Vidal v. Escueta, G.R. No. 156225, Real Parties in Interest
Real parties in interest.
Facts: An estate- a parcel of land and the house thereon, was leased to Rainier Llanera, who sublet the same to 25 persons. When the owners decided to sell the property, Ma. Teresa Escueta, atty-in-fact and as a co-owner of the property, filed an ejectment case against Llanera and the sub-lessees before the Lupon of Barangay. On May 1999, Escueta and Llanera, and the sub-lessees, executed an “Amicable Settlement,” where they agreed among others that lessee and sub-lessee shall vacate the property on or before December 1999. The parties did not repudiate the amicable settlement within ten days from the execution thereof. Meantime the property was sold but the full payment was not yet handed to the sellers since the lessee and the sublessees have not yet vacated the property. Later, Llanera and twenty of the sub-lessees also vacated the property except petitioners who remained in the property and refused to vacate the property despite extensions given to them, thus, prompting Escueta to file a verified “Motion for Execution” against the sub-lessees with the MTC for the enforcement of the amicable settlement and the issuance of a writ of execution. The Motion was denied. The court held that the plaintiff was not the real party-in-interest as the subject property had already been sold. Is the ruling correct? Explain.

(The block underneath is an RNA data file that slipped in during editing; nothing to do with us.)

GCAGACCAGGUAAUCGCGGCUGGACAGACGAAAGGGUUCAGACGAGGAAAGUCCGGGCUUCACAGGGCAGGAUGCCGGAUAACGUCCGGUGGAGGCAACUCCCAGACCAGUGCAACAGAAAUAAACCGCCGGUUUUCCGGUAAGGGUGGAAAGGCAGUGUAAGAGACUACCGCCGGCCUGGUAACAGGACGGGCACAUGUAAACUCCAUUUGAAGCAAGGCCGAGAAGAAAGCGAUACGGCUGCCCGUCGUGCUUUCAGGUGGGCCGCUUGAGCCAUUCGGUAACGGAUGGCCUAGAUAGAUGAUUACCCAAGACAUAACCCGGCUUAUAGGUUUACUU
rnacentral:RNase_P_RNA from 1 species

1.) The respondent is the real party-in-interest to enforce amicable settlement. (See Rule 3, Section 2 of the Rules of Court). The party-in-interest applies not only to the plaintiff but also to the defendant. “Interest” within the meaning of the rules means material interest, an interest in issue and to be affected by the decree as distinguished from mere interest in the question involved, or a mere incidental interest. A real party in interest is one who has a legal right. Since a contract may be violated only by the parties thereto as against each other, in an action upon that contract, the real parties-in-interest, either as plaintiff or as defendant, must be parties to the said contract. The action must be brought by the person who, by substantive law, possesses the right sought to be enforced. In this case, the respondent was the party in the amicable settlement. She is the real party-in-interest to enforce the terms of the settlement because unless the petitioners vacate the property, the balance of the purchase price will not be paid to them. (Vidal v. Escueta, G.R. No. 156225, December 10, 2003).